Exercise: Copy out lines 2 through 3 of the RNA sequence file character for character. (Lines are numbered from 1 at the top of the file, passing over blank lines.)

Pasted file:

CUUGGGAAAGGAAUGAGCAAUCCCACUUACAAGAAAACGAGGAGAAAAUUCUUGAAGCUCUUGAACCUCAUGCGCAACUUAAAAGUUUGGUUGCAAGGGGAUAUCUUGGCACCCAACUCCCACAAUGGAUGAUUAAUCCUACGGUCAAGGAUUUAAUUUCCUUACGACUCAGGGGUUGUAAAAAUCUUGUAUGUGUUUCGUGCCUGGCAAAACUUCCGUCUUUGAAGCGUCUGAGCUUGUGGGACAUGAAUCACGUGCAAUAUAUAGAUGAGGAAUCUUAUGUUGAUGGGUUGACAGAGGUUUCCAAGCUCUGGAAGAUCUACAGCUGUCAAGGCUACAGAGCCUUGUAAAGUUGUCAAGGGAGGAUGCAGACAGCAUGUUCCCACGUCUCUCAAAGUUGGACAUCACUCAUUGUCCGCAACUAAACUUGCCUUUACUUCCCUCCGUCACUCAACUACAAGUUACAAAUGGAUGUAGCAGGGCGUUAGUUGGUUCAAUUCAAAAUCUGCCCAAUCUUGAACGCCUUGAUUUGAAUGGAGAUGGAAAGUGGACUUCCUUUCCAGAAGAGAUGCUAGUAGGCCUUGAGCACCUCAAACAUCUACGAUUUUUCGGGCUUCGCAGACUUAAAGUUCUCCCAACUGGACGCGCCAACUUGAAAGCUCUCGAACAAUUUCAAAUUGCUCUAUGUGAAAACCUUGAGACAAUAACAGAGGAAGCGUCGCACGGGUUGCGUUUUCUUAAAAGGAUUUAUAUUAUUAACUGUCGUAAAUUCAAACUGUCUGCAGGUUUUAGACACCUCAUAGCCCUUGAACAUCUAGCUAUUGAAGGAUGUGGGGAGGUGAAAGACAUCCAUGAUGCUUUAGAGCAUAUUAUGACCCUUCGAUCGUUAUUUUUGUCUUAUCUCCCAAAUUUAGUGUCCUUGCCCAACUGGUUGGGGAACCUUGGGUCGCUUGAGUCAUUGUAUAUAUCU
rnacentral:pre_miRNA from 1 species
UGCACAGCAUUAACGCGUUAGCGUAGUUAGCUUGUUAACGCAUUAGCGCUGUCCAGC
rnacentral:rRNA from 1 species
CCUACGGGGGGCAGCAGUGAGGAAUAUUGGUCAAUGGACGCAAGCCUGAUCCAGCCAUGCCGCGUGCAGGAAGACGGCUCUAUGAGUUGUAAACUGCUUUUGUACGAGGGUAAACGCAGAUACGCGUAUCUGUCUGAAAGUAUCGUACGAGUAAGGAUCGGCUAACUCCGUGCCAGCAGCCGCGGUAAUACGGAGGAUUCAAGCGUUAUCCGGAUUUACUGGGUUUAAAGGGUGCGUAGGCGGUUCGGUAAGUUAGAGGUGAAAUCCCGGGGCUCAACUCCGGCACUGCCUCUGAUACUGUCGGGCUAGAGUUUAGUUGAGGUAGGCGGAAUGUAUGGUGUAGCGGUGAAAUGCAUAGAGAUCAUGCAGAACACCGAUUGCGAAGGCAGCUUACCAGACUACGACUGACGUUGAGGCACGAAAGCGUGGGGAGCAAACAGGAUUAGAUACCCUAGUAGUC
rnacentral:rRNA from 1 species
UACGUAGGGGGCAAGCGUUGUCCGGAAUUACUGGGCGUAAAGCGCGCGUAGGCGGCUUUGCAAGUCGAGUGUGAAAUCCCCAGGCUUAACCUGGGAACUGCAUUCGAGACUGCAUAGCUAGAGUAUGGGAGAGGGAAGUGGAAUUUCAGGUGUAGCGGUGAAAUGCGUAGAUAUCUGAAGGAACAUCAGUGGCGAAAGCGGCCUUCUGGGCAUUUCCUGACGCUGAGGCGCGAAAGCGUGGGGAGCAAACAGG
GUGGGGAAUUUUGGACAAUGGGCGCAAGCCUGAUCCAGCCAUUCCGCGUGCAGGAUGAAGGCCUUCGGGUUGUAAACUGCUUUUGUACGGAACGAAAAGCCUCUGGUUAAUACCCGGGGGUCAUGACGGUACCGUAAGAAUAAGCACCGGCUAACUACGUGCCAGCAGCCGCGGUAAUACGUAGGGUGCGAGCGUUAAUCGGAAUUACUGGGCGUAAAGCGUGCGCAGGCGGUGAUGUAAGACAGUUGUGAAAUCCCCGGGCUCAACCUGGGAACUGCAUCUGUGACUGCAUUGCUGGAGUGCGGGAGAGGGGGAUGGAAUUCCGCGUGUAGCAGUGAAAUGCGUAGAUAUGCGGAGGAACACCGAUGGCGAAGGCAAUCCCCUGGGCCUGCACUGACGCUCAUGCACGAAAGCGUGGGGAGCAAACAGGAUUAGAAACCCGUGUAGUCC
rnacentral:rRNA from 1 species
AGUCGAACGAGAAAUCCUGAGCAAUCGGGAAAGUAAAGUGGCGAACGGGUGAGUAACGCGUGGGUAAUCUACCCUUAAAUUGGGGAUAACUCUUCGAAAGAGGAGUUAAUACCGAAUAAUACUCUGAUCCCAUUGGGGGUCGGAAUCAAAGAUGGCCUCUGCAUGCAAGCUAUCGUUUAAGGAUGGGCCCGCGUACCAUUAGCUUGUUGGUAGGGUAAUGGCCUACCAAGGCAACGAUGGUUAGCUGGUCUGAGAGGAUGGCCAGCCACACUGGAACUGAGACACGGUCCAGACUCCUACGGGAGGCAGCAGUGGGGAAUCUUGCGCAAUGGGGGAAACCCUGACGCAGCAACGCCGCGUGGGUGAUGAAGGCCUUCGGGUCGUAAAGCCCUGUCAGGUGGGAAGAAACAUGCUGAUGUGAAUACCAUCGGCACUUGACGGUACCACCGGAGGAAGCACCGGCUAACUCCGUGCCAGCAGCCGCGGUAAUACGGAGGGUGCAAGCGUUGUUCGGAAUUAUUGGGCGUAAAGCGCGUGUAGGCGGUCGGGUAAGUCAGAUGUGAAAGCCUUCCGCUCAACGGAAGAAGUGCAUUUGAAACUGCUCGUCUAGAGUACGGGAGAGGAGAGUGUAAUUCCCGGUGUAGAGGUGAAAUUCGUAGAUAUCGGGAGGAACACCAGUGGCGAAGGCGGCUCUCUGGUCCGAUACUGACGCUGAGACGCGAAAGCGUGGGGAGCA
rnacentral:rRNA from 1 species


rnacentral:pre_miRNA from 1 species
UGCACAGCAUUAACGCGUUAGCGUAGUUAGCUUGUUAACGCAUUAGCGCUGUCCAGC